It was during his recovery time in hospital that Andy became aware of the sport wheelchair rugby also ominously known as Murderball.

He started off playing little by little and the stronger he became, the stronger his passion for the sport grew. He ended up finding a wheelchair rugby team in London not far away and it was here that his wheelchair rugby career kick-started.

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Andy overcame his injury and applied his belief that with A LOT of hard work anything can be achieved to play wheelchair rugby professionally. Andy’s ambition and determination led him to become Captain of the British team and led his team to three world championships, five European championships and three paralympic games. Andy’s team won 3 consecutive gold medals at the European championships. Andy commented that he enjoyed being Captain and learnt a lot from the experience. We asked Andy what he thinks it takes to be such a good captain and he said: You do not have to be the best player on the team to be the best leader of a team. You need to be able to recognise people’s strengths and weaknesses and bring the team together to work together effectively. You win together, you lose together. This was one of many of Andy’s great pieces of advice to those who would like to be leaders in the future.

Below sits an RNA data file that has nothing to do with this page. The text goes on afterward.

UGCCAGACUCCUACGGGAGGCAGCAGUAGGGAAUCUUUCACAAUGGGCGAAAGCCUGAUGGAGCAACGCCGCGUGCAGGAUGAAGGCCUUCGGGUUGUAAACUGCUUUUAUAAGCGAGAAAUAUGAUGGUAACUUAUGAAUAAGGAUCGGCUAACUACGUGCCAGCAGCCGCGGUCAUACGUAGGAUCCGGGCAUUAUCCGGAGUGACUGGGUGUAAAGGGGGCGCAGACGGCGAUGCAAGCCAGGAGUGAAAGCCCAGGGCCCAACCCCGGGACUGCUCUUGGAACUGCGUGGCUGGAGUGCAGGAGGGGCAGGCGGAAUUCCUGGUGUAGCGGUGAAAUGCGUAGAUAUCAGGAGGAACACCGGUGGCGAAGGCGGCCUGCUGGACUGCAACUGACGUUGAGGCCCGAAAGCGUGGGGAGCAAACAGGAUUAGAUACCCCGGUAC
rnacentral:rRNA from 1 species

Representing my country was a real honour but leading Great Britain was huge. Singing the national anthem in front of 12,000 people every time we played… And then to parade around London after the games in front of half a million people…

We asked Andy several questions based around the idea of inspiration. He said that no matter what obstacles come your way, push past them. Keep working hard and stay motivated, you never know who you might be inspiring. And finally, Andy said that he believes that life is a series of opportunities and you must take any opportunity that comes your way; you’ll only grow as a sportsman /woman or any other successful occupation, if you take what you can and use it.

Your life is a series of opportunities or chances, strung together by the choices and decisions you make. You are ultimately in charge of your own destiny. It is possible to triumph over adversity, and take positives from everything in life.

We certainly learnt a lot from our interview with Andy Barrow and hope to be as successful as he became one day.

Saori (Year 8), Harvey Hymas (Year 9) Riko Otsuka (Year 9)